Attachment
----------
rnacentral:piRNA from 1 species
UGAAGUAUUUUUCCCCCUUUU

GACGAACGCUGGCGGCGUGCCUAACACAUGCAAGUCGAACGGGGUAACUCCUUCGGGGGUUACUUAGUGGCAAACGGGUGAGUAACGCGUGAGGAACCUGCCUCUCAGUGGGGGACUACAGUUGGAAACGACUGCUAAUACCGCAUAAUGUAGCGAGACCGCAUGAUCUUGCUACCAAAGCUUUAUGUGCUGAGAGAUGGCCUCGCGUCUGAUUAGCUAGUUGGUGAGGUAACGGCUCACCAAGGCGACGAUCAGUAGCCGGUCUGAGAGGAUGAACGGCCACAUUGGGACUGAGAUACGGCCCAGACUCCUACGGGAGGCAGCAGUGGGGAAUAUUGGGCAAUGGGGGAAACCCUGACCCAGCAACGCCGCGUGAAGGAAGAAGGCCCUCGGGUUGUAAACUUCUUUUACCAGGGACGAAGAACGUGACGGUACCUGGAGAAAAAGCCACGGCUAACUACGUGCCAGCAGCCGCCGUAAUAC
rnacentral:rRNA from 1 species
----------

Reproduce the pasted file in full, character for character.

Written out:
rnacentral:piRNA from 1 species
UGAAGUAUUUUUCCCCCUUUU

GACGAACGCUGGCGGCGUGCCUAACACAUGCAAGUCGAACGGGGUAACUCCUUCGGGGGUUACUUAGUGGCAAACGGGUGAGUAACGCGUGAGGAACCUGCCUCUCAGUGGGGGACUACAGUUGGAAACGACUGCUAAUACCGCAUAAUGUAGCGAGACCGCAUGAUCUUGCUACCAAAGCUUUAUGUGCUGAGAGAUGGCCUCGCGUCUGAUUAGCUAGUUGGUGAGGUAACGGCUCACCAAGGCGACGAUCAGUAGCCGGUCUGAGAGGAUGAACGGCCACAUUGGGACUGAGAUACGGCCCAGACUCCUACGGGAGGCAGCAGUGGGGAAUAUUGGGCAAUGGGGGAAACCCUGACCCAGCAACGCCGCGUGAAGGAAGAAGGCCCUCGGGUUGUAAACUUCUUUUACCAGGGACGAAGAACGUGACGGUACCUGGAGAAAAAGCCACGGCUAACUACGUGCCAGCAGCCGCCGUAAUAC
rnacentral:rRNA from 1 species